Section 245(i) Extension Introduced in Senate

May 24, 2002 - Senator Daschle (D-SD), the Senate Majority leader, recently introduced the Uniting Families Act of 2002 that, if enacted, would extend Section 245(i) of the Immigration and Nationality Act until April 30, 2003.

Some History

Section 245(i) allows the INS, in its discretion, to adjust the status of an alien who has an immigrant visa immediately available to that of a lawful permanent resident while the alien remains the United States instead of applying for an immigrant visa at a U.S. consular office outside the U.S. In order to qualify for the benefit of this law, the alien must have been inspected and admitted or paroled into the U.S., be eligible for an immigrant visa and, with some exceptions, have maintained lawful nonimmigrant status. This provision of the law had expired on January 14, 1998. In 2000, Congress passed the Legal Immigration Family Equity ("LIFE") Act, which extended the deadline until April 30, 2001. The LIFE Act added a requirement that the alien submit proof of physical presence in the U.S. on December 21, 2000, the day President Clinton signed the bill into law, in order to be eligible to apply for adjustment of status under Section 245(i).

A Note of Caution

Section 245(i) is a valuable benefit that provides a future opportunity to adjust status to lawful permanent resident despite failing to maintain valid nonimmigrant status in the U.S. This law, however, does not provide any authorization to remain in the United States, does not provide employment authorization, and does not provide any protection from deportation, unless and until the person has been approved for lawful permanent resident status. That process typically takes years.

Important Provisions of the Proposed United Families Act of 2002

The United Families Act of 2002 that has now been introduced by Senator Daschle is important for many reasons. Since the April 30, 2001 deadline, other members of Congress have introduced legislation that, although never adopted, would have required the alien to prove that the family or employment relationship serving the basis of the adjustment of status must have existed as of August 15, 2001. The proposed United Families Act of 2002, unlike other proposed extensions, does NOT include any date by which someone would have had to have established a relationship or filed a labor certification. However, the bill reiterates that people are ineligible for Section 245(i) based on marriage fraud (Section 237 (a)(1)(G)), and security and related grounds (Section 212 (a)(3) and Section 237 (a)(4)). Also, the bill continues the requirement that applicants prove they were physically present in the U.S. on December 21, 2000.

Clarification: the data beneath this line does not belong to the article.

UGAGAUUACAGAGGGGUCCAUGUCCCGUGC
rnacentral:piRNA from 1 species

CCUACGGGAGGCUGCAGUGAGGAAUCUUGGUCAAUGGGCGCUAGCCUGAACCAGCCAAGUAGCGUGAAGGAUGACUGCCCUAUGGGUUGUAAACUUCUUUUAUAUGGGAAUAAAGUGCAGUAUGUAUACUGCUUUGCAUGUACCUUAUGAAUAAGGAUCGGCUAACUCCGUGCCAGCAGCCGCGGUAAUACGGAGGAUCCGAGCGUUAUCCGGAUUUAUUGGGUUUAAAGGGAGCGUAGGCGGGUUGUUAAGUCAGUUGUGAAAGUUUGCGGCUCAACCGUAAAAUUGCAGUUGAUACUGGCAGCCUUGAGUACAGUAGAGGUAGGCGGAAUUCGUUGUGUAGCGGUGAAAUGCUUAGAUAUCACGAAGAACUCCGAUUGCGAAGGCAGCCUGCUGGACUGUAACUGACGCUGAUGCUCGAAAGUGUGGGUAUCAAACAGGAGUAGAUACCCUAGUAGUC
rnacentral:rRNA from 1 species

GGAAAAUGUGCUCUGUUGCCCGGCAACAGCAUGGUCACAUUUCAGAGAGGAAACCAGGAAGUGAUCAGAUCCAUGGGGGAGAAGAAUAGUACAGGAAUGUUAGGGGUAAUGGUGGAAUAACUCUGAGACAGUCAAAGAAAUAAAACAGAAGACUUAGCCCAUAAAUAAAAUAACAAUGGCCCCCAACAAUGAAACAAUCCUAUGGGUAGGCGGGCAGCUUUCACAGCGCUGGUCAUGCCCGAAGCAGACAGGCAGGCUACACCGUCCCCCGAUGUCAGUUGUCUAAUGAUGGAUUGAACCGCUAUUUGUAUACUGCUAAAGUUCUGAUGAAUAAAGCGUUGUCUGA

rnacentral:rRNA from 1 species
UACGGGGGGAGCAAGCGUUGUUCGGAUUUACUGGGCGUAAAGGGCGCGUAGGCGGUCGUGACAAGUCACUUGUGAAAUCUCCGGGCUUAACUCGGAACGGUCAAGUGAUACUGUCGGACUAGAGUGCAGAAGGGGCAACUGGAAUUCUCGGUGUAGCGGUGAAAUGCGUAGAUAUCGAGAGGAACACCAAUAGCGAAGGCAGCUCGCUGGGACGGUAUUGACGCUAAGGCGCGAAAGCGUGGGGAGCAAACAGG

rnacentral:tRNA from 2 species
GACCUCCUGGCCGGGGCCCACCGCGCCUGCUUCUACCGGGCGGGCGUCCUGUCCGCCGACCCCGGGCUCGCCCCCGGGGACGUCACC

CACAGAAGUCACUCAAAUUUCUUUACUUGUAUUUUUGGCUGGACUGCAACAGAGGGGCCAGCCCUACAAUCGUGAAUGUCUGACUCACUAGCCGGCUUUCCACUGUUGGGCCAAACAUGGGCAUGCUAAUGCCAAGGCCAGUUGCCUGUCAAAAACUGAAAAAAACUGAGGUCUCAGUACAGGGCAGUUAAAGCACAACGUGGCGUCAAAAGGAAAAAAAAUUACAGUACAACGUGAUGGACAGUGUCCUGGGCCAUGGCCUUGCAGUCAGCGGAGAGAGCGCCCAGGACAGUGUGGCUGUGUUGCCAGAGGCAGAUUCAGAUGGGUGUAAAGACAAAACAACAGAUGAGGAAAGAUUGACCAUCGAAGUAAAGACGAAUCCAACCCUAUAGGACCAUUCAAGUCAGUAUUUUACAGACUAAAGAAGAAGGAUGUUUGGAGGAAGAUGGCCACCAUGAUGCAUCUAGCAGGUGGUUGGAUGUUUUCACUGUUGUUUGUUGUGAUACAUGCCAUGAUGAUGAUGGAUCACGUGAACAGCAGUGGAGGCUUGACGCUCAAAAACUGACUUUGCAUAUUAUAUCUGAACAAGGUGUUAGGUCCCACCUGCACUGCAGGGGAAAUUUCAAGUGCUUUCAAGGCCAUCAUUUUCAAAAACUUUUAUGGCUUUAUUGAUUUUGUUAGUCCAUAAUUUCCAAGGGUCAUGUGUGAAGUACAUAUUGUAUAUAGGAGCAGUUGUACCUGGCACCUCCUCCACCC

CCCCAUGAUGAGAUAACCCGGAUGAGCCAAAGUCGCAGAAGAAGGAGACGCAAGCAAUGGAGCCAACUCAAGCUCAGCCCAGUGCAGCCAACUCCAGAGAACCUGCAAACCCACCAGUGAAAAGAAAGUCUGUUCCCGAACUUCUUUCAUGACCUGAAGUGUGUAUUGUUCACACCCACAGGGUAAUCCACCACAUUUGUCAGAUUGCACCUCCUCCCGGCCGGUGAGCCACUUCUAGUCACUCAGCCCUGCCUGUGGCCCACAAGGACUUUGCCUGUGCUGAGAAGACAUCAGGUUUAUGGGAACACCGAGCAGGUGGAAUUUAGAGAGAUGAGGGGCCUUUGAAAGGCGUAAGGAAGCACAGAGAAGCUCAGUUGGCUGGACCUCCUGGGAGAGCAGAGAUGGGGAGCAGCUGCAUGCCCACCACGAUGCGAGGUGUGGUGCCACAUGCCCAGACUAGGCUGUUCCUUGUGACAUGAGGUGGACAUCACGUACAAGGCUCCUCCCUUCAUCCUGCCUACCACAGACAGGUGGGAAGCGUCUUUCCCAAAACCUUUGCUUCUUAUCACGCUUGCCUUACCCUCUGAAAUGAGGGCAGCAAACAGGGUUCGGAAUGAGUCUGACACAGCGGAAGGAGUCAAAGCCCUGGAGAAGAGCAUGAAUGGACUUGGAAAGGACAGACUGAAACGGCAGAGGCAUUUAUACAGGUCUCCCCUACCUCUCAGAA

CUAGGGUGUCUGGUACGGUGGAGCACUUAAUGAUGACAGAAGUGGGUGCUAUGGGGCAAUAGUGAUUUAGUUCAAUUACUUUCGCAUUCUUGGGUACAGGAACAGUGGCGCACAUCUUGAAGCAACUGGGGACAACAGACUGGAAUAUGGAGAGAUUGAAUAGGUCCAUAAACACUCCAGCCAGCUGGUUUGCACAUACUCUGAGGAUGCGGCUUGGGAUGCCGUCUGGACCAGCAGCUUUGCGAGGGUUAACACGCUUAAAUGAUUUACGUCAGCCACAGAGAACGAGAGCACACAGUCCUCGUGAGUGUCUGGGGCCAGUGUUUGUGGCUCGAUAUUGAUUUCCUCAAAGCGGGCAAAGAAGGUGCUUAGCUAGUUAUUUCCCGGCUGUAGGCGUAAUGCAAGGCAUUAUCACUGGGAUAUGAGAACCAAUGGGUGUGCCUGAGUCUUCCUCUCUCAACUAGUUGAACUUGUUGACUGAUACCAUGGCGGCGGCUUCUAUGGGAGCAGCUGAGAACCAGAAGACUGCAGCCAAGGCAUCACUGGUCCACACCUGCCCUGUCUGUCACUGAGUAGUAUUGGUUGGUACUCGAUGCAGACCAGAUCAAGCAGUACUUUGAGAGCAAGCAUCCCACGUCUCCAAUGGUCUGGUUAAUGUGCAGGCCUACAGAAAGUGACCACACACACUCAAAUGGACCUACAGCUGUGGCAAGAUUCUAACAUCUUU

What You Can Do

The House leadership appears to support the more restrictive extension of Section 245(i) that includes the August 15, 2001 eligibility cut-off date. It remains an uphill battle for a good measure like the United Families Act of 2002 to pass Congress this session.

If you would like to contact your Senators and ask them to both cosponsor and support this excellent bill, you can call them at the Congressional Switchboard (202) 224-3121. While the phones are busy during the day, you can try calling after business hours, and then leave a message about your concerns. If you prefer to email or write, you can look at each Senator's web site for their contact information (i.e., or


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